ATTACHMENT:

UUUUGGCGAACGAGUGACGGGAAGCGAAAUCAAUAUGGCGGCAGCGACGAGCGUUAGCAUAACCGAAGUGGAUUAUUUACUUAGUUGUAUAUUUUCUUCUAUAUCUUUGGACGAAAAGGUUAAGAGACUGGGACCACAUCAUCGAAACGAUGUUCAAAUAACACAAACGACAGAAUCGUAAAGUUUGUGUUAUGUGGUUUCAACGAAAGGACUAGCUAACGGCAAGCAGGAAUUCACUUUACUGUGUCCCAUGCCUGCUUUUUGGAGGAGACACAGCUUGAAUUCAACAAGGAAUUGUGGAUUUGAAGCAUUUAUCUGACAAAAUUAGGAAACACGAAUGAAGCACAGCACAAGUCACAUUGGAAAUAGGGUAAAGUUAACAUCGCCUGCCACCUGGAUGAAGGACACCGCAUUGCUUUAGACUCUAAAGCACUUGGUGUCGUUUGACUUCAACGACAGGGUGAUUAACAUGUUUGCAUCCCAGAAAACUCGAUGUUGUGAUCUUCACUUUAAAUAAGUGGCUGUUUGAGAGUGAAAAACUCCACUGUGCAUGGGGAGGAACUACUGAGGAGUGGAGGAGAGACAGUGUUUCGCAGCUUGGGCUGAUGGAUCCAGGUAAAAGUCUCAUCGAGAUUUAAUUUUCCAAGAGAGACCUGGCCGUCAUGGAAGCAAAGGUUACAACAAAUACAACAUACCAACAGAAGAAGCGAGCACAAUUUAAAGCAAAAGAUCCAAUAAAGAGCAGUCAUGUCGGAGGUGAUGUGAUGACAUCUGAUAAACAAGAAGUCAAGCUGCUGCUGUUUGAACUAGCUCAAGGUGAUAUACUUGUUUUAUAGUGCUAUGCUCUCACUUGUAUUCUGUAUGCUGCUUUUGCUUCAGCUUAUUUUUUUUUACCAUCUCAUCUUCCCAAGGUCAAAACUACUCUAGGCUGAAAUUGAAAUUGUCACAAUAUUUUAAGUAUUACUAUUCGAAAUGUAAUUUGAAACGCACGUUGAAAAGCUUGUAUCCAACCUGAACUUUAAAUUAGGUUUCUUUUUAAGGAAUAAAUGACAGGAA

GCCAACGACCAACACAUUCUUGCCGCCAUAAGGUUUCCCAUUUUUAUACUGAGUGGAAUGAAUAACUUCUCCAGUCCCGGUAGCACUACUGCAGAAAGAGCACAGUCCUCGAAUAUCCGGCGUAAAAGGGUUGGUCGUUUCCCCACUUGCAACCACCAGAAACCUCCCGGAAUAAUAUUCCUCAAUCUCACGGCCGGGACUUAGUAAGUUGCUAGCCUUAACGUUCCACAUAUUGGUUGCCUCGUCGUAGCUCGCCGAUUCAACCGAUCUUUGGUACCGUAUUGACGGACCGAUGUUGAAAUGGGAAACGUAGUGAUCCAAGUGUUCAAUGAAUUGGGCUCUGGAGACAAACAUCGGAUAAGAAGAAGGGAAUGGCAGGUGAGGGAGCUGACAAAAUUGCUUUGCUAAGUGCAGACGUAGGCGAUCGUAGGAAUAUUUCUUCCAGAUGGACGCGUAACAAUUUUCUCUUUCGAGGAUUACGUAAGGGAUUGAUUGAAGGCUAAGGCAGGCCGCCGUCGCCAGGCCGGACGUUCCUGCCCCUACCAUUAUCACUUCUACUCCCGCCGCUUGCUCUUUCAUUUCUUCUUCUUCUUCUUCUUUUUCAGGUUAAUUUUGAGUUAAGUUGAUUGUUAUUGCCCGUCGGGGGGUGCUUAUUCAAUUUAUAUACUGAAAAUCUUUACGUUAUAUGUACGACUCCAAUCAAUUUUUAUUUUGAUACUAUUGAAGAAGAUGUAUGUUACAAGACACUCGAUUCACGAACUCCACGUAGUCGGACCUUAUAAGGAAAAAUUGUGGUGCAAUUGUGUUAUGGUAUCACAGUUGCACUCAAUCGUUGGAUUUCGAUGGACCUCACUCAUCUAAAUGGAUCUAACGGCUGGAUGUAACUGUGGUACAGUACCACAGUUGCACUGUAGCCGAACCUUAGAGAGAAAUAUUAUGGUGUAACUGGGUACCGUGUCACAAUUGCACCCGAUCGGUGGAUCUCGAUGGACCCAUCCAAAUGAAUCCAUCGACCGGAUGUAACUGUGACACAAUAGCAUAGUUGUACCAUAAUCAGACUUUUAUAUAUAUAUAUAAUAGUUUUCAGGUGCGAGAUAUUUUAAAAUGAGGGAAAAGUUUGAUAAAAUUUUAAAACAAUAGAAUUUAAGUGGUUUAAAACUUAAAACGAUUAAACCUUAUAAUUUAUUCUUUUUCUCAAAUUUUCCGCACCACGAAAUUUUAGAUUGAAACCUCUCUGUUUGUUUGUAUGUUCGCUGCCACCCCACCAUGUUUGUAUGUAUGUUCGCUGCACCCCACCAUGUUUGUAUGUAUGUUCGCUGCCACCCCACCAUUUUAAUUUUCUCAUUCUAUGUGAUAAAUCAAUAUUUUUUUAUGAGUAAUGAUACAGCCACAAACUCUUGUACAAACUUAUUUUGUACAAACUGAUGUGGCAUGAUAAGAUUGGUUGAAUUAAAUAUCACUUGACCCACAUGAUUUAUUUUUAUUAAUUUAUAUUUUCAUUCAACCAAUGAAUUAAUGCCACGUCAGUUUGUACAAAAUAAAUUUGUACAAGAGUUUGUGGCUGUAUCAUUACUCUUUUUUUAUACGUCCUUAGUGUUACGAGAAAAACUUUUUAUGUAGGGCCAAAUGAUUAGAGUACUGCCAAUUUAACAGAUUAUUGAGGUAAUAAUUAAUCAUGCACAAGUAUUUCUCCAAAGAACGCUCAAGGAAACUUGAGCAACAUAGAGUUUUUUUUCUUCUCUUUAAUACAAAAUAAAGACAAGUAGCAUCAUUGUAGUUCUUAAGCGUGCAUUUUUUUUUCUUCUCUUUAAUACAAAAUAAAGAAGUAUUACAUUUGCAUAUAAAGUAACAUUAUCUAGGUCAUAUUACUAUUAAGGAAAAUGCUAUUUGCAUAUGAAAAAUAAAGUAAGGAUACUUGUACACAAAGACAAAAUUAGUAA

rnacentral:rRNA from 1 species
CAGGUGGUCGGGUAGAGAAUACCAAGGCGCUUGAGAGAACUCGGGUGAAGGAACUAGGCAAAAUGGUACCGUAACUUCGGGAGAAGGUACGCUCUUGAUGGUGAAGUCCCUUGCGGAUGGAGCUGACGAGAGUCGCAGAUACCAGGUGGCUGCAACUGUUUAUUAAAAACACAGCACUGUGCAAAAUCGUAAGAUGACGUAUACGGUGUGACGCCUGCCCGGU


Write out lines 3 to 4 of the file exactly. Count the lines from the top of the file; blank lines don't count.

rnacentral:rRNA from 1 species
CAGGUGGUCGGGUAGAGAAUACCAAGGCGCUUGAGAGAACUCGGGUGAAGGAACUAGGCAAAAUGGUACCGUAACUUCGGGAGAAGGUACGCUCUUGAUGGUGAAGUCCCUUGCGGAUGGAGCUGACGAGAGUCGCAGAUACCAGGUGGCUGCAACUGUUUAUUAAAAACACAGCACUGUGCAAAAUCGUAAGAUGACGUAUACGGUGUGACGCCUGCCCGGU